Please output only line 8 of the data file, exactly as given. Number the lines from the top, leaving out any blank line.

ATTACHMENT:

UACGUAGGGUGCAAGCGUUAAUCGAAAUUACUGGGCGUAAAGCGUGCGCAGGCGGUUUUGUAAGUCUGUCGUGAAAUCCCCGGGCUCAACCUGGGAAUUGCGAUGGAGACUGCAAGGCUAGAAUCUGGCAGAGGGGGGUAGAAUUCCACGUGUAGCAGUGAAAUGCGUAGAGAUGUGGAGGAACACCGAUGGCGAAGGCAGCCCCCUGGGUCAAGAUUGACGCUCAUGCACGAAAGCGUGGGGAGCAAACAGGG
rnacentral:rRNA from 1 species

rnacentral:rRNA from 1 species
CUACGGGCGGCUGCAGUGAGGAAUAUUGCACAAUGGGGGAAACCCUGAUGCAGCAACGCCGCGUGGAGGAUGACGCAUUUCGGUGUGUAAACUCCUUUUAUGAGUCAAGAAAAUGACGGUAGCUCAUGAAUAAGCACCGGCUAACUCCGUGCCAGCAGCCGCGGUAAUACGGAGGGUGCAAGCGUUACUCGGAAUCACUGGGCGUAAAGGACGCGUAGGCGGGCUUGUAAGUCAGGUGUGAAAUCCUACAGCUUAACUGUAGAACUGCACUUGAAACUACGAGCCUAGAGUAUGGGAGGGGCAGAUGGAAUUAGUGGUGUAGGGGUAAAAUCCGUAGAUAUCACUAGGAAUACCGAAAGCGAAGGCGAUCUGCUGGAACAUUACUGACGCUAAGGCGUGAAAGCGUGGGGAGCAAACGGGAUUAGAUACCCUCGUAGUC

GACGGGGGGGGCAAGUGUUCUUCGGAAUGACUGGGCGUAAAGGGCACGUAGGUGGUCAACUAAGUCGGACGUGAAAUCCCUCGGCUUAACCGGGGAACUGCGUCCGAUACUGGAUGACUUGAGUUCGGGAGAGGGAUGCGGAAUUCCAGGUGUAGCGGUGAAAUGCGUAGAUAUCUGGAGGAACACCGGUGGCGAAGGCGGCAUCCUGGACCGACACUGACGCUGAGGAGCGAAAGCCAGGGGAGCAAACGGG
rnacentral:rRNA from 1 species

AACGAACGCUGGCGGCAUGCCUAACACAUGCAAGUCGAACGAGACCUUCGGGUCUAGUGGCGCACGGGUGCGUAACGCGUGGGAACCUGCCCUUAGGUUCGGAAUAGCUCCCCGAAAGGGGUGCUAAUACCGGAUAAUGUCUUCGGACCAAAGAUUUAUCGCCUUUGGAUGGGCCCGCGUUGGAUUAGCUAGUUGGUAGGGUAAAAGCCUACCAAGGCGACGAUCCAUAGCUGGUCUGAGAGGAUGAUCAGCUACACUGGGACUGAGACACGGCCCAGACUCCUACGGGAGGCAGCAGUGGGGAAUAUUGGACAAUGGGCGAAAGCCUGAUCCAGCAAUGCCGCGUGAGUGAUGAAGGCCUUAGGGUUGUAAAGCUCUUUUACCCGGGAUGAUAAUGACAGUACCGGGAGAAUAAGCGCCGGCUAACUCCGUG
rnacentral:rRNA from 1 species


rnacentral:rRNA from 1 species